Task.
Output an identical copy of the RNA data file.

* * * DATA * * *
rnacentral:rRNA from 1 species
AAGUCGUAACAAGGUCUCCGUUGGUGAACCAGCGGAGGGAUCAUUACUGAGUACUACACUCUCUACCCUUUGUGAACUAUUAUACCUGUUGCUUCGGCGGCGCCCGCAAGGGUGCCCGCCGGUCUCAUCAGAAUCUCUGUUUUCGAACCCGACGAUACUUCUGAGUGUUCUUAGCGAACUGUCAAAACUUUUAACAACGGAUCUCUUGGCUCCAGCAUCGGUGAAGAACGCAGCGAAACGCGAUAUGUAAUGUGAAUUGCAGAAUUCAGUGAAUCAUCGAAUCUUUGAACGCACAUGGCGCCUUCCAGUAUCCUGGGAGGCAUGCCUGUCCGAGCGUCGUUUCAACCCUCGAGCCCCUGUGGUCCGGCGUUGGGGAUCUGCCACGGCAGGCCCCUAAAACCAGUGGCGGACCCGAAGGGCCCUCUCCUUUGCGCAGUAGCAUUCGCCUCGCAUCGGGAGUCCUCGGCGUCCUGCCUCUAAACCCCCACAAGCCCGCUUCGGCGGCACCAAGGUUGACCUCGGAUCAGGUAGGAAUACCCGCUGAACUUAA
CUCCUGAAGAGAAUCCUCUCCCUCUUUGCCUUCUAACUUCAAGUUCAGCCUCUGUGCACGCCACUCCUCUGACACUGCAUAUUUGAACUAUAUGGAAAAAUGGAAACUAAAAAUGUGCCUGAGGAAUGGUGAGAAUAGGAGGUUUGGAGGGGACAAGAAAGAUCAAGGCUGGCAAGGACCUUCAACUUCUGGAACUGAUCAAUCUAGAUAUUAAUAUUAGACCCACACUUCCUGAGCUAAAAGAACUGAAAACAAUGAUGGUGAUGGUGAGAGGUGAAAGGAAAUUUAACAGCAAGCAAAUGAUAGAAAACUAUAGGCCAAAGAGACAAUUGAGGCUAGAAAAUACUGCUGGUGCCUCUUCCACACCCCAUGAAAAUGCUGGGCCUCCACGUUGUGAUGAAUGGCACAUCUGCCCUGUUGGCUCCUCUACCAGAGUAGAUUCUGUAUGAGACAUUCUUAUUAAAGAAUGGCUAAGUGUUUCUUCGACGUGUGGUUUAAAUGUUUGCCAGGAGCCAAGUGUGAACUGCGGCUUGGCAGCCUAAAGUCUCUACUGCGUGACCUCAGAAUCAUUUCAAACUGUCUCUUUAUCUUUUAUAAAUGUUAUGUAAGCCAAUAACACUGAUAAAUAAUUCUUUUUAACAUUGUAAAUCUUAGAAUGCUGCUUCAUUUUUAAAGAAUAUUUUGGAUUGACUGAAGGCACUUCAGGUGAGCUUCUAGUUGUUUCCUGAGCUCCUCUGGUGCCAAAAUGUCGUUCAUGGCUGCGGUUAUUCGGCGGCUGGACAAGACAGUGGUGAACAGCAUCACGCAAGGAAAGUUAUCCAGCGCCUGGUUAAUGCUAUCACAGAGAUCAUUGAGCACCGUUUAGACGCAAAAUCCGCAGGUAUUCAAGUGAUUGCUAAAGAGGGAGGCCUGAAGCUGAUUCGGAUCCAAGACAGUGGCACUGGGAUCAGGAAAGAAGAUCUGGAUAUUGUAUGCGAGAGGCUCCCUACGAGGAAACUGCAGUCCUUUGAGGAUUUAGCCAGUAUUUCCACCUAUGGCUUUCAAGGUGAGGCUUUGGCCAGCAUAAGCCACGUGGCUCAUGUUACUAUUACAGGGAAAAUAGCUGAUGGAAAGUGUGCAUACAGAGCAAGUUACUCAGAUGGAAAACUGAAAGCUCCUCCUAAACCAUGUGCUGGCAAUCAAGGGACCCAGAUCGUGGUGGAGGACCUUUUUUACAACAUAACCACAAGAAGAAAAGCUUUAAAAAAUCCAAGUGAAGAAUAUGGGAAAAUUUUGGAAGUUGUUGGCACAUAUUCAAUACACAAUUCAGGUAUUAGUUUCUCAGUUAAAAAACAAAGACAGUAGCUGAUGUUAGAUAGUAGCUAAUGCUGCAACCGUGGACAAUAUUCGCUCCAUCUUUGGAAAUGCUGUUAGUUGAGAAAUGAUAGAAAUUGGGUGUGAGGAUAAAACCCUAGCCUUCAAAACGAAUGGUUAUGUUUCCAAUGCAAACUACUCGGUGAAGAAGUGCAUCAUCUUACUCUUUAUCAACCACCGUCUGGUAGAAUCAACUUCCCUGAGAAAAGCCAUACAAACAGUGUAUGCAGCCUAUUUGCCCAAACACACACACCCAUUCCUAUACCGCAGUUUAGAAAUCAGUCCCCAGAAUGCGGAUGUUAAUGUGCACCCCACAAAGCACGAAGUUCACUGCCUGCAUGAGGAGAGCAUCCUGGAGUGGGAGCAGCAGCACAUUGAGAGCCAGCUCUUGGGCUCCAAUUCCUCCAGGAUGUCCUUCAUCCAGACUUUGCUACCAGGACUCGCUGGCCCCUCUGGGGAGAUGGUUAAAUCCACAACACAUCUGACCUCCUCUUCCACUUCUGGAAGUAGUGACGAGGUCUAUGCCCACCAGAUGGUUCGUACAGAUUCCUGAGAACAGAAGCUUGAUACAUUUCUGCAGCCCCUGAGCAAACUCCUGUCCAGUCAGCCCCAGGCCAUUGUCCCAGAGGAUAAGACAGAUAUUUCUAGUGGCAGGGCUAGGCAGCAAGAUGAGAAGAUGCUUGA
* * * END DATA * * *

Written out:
rnacentral:rRNA from 1 species
AAGUCGUAACAAGGUCUCCGUUGGUGAACCAGCGGAGGGAUCAUUACUGAGUACUACACUCUCUACCCUUUGUGAACUAUUAUACCUGUUGCUUCGGCGGCGCCCGCAAGGGUGCCCGCCGGUCUCAUCAGAAUCUCUGUUUUCGAACCCGACGAUACUUCUGAGUGUUCUUAGCGAACUGUCAAAACUUUUAACAACGGAUCUCUUGGCUCCAGCAUCGGUGAAGAACGCAGCGAAACGCGAUAUGUAAUGUGAAUUGCAGAAUUCAGUGAAUCAUCGAAUCUUUGAACGCACAUGGCGCCUUCCAGUAUCCUGGGAGGCAUGCCUGUCCGAGCGUCGUUUCAACCCUCGAGCCCCUGUGGUCCGGCGUUGGGGAUCUGCCACGGCAGGCCCCUAAAACCAGUGGCGGACCCGAAGGGCCCUCUCCUUUGCGCAGUAGCAUUCGCCUCGCAUCGGGAGUCCUCGGCGUCCUGCCUCUAAACCCCCACAAGCCCGCUUCGGCGGCACCAAGGUUGACCUCGGAUCAGGUAGGAAUACCCGCUGAACUUAA
CUCCUGAAGAGAAUCCUCUCCCUCUUUGCCUUCUAACUUCAAGUUCAGCCUCUGUGCACGCCACUCCUCUGACACUGCAUAUUUGAACUAUAUGGAAAAAUGGAAACUAAAAAUGUGCCUGAGGAAUGGUGAGAAUAGGAGGUUUGGAGGGGACAAGAAAGAUCAAGGCUGGCAAGGACCUUCAACUUCUGGAACUGAUCAAUCUAGAUAUUAAUAUUAGACCCACACUUCCUGAGCUAAAAGAACUGAAAACAAUGAUGGUGAUGGUGAGAGGUGAAAGGAAAUUUAACAGCAAGCAAAUGAUAGAAAACUAUAGGCCAAAGAGACAAUUGAGGCUAGAAAAUACUGCUGGUGCCUCUUCCACACCCCAUGAAAAUGCUGGGCCUCCACGUUGUGAUGAAUGGCACAUCUGCCCUGUUGGCUCCUCUACCAGAGUAGAUUCUGUAUGAGACAUUCUUAUUAAAGAAUGGCUAAGUGUUUCUUCGACGUGUGGUUUAAAUGUUUGCCAGGAGCCAAGUGUGAACUGCGGCUUGGCAGCCUAAAGUCUCUACUGCGUGACCUCAGAAUCAUUUCAAACUGUCUCUUUAUCUUUUAUAAAUGUUAUGUAAGCCAAUAACACUGAUAAAUAAUUCUUUUUAACAUUGUAAAUCUUAGAAUGCUGCUUCAUUUUUAAAGAAUAUUUUGGAUUGACUGAAGGCACUUCAGGUGAGCUUCUAGUUGUUUCCUGAGCUCCUCUGGUGCCAAAAUGUCGUUCAUGGCUGCGGUUAUUCGGCGGCUGGACAAGACAGUGGUGAACAGCAUCACGCAAGGAAAGUUAUCCAGCGCCUGGUUAAUGCUAUCACAGAGAUCAUUGAGCACCGUUUAGACGCAAAAUCCGCAGGUAUUCAAGUGAUUGCUAAAGAGGGAGGCCUGAAGCUGAUUCGGAUCCAAGACAGUGGCACUGGGAUCAGGAAAGAAGAUCUGGAUAUUGUAUGCGAGAGGCUCCCUACGAGGAAACUGCAGUCCUUUGAGGAUUUAGCCAGUAUUUCCACCUAUGGCUUUCAAGGUGAGGCUUUGGCCAGCAUAAGCCACGUGGCUCAUGUUACUAUUACAGGGAAAAUAGCUGAUGGAAAGUGUGCAUACAGAGCAAGUUACUCAGAUGGAAAACUGAAAGCUCCUCCUAAACCAUGUGCUGGCAAUCAAGGGACCCAGAUCGUGGUGGAGGACCUUUUUUACAACAUAACCACAAGAAGAAAAGCUUUAAAAAAUCCAAGUGAAGAAUAUGGGAAAAUUUUGGAAGUUGUUGGCACAUAUUCAAUACACAAUUCAGGUAUUAGUUUCUCAGUUAAAAAACAAAGACAGUAGCUGAUGUUAGAUAGUAGCUAAUGCUGCAACCGUGGACAAUAUUCGCUCCAUCUUUGGAAAUGCUGUUAGUUGAGAAAUGAUAGAAAUUGGGUGUGAGGAUAAAACCCUAGCCUUCAAAACGAAUGGUUAUGUUUCCAAUGCAAACUACUCGGUGAAGAAGUGCAUCAUCUUACUCUUUAUCAACCACCGUCUGGUAGAAUCAACUUCCCUGAGAAAAGCCAUACAAACAGUGUAUGCAGCCUAUUUGCCCAAACACACACACCCAUUCCUAUACCGCAGUUUAGAAAUCAGUCCCCAGAAUGCGGAUGUUAAUGUGCACCCCACAAAGCACGAAGUUCACUGCCUGCAUGAGGAGAGCAUCCUGGAGUGGGAGCAGCAGCACAUUGAGAGCCAGCUCUUGGGCUCCAAUUCCUCCAGGAUGUCCUUCAUCCAGACUUUGCUACCAGGACUCGCUGGCCCCUCUGGGGAGAUGGUUAAAUCCACAACACAUCUGACCUCCUCUUCCACUUCUGGAAGUAGUGACGAGGUCUAUGCCCACCAGAUGGUUCGUACAGAUUCCUGAGAACAGAAGCUUGAUACAUUUCUGCAGCCCCUGAGCAAACUCCUGUCCAGUCAGCCCCAGGCCAUUGUCCCAGAGGAUAAGACAGAUAUUUCUAGUGGCAGGGCUAGGCAGCAAGAUGAGAAGAUGCUUGA